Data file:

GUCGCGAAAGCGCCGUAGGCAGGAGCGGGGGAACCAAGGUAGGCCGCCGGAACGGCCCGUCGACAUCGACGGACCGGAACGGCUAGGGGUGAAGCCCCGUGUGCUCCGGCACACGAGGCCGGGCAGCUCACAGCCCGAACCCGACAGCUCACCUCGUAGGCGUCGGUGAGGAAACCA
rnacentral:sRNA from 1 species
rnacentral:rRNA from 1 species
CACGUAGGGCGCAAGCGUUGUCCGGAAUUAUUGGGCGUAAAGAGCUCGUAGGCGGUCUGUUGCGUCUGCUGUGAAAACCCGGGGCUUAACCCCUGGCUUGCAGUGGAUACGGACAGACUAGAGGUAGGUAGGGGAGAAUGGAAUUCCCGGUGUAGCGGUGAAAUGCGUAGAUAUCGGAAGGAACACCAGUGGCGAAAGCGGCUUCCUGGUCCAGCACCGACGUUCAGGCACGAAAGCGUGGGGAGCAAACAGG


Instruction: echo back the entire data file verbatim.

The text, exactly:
GUCGCGAAAGCGCCGUAGGCAGGAGCGGGGGAACCAAGGUAGGCCGCCGGAACGGCCCGUCGACAUCGACGGACCGGAACGGCUAGGGGUGAAGCCCCGUGUGCUCCGGCACACGAGGCCGGGCAGCUCACAGCCCGAACCCGACAGCUCACCUCGUAGGCGUCGGUGAGGAAACCA
rnacentral:sRNA from 1 species
rnacentral:rRNA from 1 species
CACGUAGGGCGCAAGCGUUGUCCGGAAUUAUUGGGCGUAAAGAGCUCGUAGGCGGUCUGUUGCGUCUGCUGUGAAAACCCGGGGCUUAACCCCUGGCUUGCAGUGGAUACGGACAGACUAGAGGUAGGUAGGGGAGAAUGGAAUUCCCGGUGUAGCGGUGAAAUGCGUAGAUAUCGGAAGGAACACCAGUGGCGAAAGCGGCUUCCUGGUCCAGCACCGACGUUCAGGCACGAAAGCGUGGGGAGCAAACAGG